Pat Daninger | Crain's Twin Cities

In this ongoing series, we ask executives, entrepreneurs and business leaders about mistakes that have shaped their business philosophy.

Pat Daninger


Daninger is the co-owner (with his wife Sharlene) of a 115-year-old Forest Lake dairy farm that expanded and added a full creamery in 2008 under the name Autumnwood Farms.

The Mistake:  

Bad timing and flawed forecasting.

We really didn’t get the indication from anyone that the recession was coming until it happened. We started in March of 2008 and it really came into play by January and February of 2009, with sales dropping 30 percent.

It really hurt, and we thought we must be doing something wrong. We started calling around the country talking to other bottlers and found out they were all experiencing the same thing.

Also, we had a feasibility study done, and had conducted research ourselves. In the study, we were told we’d see a profit in six to eight months, when a realistic time frame was really seven to 10 years. We had to refinance twice.

At that point we were too far in to get out; if we were to quit we would have lost everything. And part of our original reason for expanding was to enable our kids to come back and be part of the operation if they wanted to.

There wasn’t a whole lot we could have done differently other than just try to work harder and do more hand-to-hand promotion in stores. Our product is not something you can just advertise; you have to get someone to actually try it. Some of our workers spent a lot of time [offering samples] in stores, helping grow sales to compensate for the slide.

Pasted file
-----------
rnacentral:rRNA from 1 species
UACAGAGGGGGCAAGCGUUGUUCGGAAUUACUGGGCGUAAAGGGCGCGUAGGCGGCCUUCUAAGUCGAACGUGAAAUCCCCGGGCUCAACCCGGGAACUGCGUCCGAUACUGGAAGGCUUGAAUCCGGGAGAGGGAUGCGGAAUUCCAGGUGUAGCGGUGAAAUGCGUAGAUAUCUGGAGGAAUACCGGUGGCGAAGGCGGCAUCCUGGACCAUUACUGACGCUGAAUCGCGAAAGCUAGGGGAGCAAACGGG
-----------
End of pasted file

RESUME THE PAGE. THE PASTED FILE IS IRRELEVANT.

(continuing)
Once the market turned, we saw sales increases of 10 to 15 percent through 2015.

Around year seven it started becoming easier to make payments, lenders became more confident in us and it wasn’t a day-to-day struggle anymore, with crises fewer and farther between. Now, we have in a loan request so we can put up another barn and double our herd size. And we want to start putting out ice cream on site as well.

A lot of times, your gut instinct is right.

The Lesson:

Our payback plan was way too fast—I should have been more discerning and not believed the study. One of the other things I learned was not to mistrust my gut instincts too much. A lot of times, your gut instinct is right. I’d also recommend that other [entrepreneurs should] talk to a ton of other people who are already doing what they want to do,  learn what pitfalls to avoid. 

Another thing is that you need to take care of your personal health. It burns some people out, doing this. We’ve gotten to the point where we can hire good people to carry some of the load, let them know what needs to be done, then stay out of the way and let them do it. But some exhaustion is just inherent with a business startup, and I don’t know how you can get around that, initially.

When we first started, we dedicated the business to the service of God. That provides us some peace of mind that if it’s going to succeed, it’s due to him. 


Photo courtesy of  Mariah Daninger.

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